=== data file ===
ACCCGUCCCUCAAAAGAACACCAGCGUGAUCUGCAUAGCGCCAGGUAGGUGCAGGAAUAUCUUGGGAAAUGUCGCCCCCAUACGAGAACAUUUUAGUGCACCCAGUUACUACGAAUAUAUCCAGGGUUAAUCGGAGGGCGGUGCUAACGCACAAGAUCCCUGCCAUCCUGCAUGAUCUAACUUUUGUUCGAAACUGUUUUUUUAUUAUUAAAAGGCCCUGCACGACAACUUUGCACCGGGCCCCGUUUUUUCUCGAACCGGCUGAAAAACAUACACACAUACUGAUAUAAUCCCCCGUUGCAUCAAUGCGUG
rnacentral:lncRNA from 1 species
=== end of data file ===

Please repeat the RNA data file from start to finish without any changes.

ACCCGUCCCUCAAAAGAACACCAGCGUGAUCUGCAUAGCGCCAGGUAGGUGCAGGAAUAUCUUGGGAAAUGUCGCCCCCAUACGAGAACAUUUUAGUGCACCCAGUUACUACGAAUAUAUCCAGGGUUAAUCGGAGGGCGGUGCUAACGCACAAGAUCCCUGCCAUCCUGCAUGAUCUAACUUUUGUUCGAAACUGUUUUUUUAUUAUUAAAAGGCCCUGCACGACAACUUUGCACCGGGCCCCGUUUUUUCUCGAACCGGCUGAAAAACAUACACACAUACUGAUAUAAUCCCCCGUUGCAUCAAUGCGUG
rnacentral:lncRNA from 1 species